“For my days are consumed like smoke, and my bones burned as an hearth.
My heart is smitten and withered like grass; so that I forget to eat my bread.
By reason of the sound of my groaning, my bones cleave to my skin.
I am like a pelican on the wilderness,
I am like an owl of the desert. I watch and as am a sparrow, alone upon the roof.”
Well, maybe not exactly.
Whilst I travelled in the States, four horsemen of the apocalypse briefly visited my home and body.
They left business cards.
In their wake, strong tropical storms had brought down trees, cables and my defences.
Shaji. Dalila & Sumant, my trusty staff, have overseen the slow reopening of communication channels between myself and my public.
The internet cable is now intact; the wi-fi router again controls local airspace; the mobile phone is accepting at least some of my text messages.
Although the digital camera may still languish in a technician’s workshop; its screen perpetually frozen on New Mexican vistas; my chest now produces only moderate volumes of green sputum – the club class freebie offered to frequent fliers with sufficient air-miles.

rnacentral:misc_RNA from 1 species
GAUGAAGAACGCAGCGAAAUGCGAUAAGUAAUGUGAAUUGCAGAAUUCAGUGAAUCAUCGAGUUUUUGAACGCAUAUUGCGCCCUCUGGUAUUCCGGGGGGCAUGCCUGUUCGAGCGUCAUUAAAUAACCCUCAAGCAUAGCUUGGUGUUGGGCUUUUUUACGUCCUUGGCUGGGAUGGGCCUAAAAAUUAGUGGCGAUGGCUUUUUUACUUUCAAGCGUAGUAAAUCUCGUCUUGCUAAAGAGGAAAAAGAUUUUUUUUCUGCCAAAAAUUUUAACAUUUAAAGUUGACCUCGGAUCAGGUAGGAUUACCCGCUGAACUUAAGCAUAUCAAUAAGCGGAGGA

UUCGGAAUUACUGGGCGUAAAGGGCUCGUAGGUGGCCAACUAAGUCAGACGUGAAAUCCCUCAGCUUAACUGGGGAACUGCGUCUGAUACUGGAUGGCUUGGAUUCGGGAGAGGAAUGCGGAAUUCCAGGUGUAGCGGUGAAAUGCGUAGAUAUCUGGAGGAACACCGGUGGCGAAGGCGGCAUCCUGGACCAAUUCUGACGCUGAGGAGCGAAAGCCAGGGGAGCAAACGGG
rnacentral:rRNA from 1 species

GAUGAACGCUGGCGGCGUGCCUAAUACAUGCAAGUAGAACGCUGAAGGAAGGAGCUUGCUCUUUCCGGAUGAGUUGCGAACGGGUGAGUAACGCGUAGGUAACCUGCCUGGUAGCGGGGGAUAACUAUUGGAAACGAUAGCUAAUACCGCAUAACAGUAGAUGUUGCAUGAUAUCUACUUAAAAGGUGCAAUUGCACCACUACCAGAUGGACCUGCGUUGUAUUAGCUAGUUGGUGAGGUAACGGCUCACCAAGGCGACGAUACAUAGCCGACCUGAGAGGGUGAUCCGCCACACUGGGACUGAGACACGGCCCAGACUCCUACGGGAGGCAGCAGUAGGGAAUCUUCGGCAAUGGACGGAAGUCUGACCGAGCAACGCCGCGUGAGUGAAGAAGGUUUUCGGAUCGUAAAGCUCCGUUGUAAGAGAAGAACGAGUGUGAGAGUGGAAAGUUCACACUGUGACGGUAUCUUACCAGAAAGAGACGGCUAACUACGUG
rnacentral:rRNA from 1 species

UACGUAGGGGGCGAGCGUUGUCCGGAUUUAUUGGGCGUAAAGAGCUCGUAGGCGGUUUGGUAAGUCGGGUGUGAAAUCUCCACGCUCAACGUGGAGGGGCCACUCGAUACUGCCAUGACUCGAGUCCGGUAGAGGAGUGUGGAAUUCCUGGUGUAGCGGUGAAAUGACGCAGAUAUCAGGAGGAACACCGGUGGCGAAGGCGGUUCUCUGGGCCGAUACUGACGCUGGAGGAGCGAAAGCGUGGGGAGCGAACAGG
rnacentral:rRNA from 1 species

Shaji, Dalila and Sumant respond to my indisposition with well rehearsed efficiency. My agent was consulted for advice on how to interpret the ka-ka entrails; physicians’ opinions, western, ayurvedic and “homoepathic”, were offered but declined.
I start myself on anti-pyretics and the antibiotics that happen to be at hand – more suitable for Dengue or diarrhoea than a chest infection – but broad-spectrum and surprisingly efficacious.
Following some days of semi-hibernation, a diminishingly productive cough, and indifferent appetites, I arise, sleek and slim-lined, renewed and reinvigorated. Not, perhaps, a butterfly of tropical exotica, but firing on three cylinders and in the mood for a malabar fish curry.